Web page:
DivIDE aims to investigate the mechanisms and principles of cell division and to reproduce them in vitro with synthetic approaches. Crucial to cell division is the mitotic spindle, a structure whose main duty is the separation of chromosomes. The spindle is made of microtubules (MT), molecular motors, and MT-binding factors, some of which show astounding complexity. The mitotic spindle is the one of the cellular structures that best represents the ability of biological matter to self-organize though arrays of dynamic protein-protein interactions. It rapidly assembles when cells enter mitosis, and it disassembles, after sister chromatid separation and mitotic exit. The complexity and dynamic behaviour of the mitotic spindle captures the imagination of synthetic biologists and modellers.
Dr. Thomas Guérinier
CO-FOUNDER & CSO
ESR (PhD student)
Dr. Jérémy Cramer
FOUNDER & CEO
Cell environmental control
Pablo Salaverria works as a so-called “Early Stage Researcher” within DivIDE. As a PhD student, he will use his engineering background to think and realise a device capable of imaging cells in real time using high-resolution microscopy techniques, while controling key parameters (temperature, medium renewal or drug injection). These automated systems require biocompatible materials, smart microdevices and precise instruments to allow cell growth and division in the best micro-environment.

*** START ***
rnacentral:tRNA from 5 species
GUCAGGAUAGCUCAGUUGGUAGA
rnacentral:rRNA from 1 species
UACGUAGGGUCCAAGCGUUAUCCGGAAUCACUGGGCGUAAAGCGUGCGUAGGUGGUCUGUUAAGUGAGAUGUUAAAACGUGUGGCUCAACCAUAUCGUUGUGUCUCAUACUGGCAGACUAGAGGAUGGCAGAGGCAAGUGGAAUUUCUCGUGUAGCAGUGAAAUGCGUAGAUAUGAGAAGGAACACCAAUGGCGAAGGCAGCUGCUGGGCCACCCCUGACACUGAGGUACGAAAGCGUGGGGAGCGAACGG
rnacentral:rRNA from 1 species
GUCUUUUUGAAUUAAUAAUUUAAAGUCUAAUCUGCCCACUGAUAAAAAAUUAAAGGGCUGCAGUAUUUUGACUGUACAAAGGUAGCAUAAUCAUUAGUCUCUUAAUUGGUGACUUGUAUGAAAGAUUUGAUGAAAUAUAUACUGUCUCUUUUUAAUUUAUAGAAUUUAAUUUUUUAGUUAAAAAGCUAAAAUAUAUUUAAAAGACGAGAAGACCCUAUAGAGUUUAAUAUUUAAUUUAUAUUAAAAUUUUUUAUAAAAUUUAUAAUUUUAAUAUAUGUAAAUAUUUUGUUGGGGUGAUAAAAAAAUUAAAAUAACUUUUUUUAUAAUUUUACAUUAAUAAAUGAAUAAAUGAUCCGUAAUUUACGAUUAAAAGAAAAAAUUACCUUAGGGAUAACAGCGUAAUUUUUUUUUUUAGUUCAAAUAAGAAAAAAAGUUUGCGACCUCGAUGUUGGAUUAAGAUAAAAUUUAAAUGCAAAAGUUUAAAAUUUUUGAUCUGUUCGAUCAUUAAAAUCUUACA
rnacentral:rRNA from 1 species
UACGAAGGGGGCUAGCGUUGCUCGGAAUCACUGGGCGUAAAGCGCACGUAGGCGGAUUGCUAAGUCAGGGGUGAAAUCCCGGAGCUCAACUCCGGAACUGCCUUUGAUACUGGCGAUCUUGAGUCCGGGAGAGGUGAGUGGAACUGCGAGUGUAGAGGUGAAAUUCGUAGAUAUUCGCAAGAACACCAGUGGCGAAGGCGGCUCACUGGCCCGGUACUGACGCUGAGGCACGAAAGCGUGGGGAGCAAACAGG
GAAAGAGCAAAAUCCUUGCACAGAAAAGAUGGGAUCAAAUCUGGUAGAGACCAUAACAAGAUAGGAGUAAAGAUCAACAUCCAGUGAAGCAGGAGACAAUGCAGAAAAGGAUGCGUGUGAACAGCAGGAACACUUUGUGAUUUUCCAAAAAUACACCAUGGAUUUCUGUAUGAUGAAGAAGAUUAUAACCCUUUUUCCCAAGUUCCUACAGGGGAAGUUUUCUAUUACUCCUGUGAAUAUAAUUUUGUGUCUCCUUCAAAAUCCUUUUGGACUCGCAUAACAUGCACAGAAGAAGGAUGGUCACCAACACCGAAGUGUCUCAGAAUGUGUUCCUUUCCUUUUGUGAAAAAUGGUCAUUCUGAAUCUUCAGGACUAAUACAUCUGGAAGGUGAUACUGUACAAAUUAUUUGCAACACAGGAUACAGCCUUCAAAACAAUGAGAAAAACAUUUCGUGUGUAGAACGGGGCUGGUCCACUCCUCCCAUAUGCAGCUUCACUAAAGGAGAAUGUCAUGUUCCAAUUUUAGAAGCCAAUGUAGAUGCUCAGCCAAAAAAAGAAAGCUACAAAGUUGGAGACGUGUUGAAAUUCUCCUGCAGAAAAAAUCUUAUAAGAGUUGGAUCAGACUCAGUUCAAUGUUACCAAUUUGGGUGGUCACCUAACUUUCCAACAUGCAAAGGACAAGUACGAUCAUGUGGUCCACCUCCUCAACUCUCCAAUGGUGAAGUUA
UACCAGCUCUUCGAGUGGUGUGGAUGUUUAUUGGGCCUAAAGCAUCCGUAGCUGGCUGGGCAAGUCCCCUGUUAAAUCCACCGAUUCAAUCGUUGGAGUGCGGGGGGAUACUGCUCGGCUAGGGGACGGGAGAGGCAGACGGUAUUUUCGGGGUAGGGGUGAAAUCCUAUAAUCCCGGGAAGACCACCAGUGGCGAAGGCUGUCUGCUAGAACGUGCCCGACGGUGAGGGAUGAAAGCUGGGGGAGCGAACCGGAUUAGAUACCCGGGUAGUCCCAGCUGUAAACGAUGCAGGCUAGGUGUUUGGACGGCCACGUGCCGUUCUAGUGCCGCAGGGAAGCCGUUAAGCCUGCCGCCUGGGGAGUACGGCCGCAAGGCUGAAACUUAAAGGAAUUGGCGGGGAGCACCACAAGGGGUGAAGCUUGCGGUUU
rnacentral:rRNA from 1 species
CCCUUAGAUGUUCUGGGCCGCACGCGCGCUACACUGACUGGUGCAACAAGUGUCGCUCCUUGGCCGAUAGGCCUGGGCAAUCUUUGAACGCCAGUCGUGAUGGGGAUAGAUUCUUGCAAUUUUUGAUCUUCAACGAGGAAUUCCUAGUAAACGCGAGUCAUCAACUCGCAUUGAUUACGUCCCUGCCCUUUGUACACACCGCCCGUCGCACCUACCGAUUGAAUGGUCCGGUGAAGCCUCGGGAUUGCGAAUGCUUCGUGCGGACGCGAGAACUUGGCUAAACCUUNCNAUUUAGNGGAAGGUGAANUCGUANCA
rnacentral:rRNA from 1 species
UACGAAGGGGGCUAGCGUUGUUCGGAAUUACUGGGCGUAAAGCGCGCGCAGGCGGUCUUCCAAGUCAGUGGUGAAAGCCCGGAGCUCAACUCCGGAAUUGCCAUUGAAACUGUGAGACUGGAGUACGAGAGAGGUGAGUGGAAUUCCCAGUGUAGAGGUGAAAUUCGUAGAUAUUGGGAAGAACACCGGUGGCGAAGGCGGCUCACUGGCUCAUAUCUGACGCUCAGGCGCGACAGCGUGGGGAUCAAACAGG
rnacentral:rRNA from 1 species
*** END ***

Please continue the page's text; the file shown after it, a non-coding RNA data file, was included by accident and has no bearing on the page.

Exploitation of the project
In such a great consortium, it is very important to handle intellectual property at very early stages. To this extend, we set up an Exploitation Committee involving both academic and private beneficiaries. The aim of this committee is to inform the consortium members on how to behave and act when a scientific output could be valorize.
As reaching a wide audience both specialized or not is very important to disseminate science, Cherry is proud to be involved in the “impact” section of DivIDE. Our objective is to communicate, let the scientific communty know about cell division and the consortium results. Specific actions will be carried out throughout all the project.
This project has received funding from the European Union’s Horizon 2020 research and innovation programme under grant agreement No 675737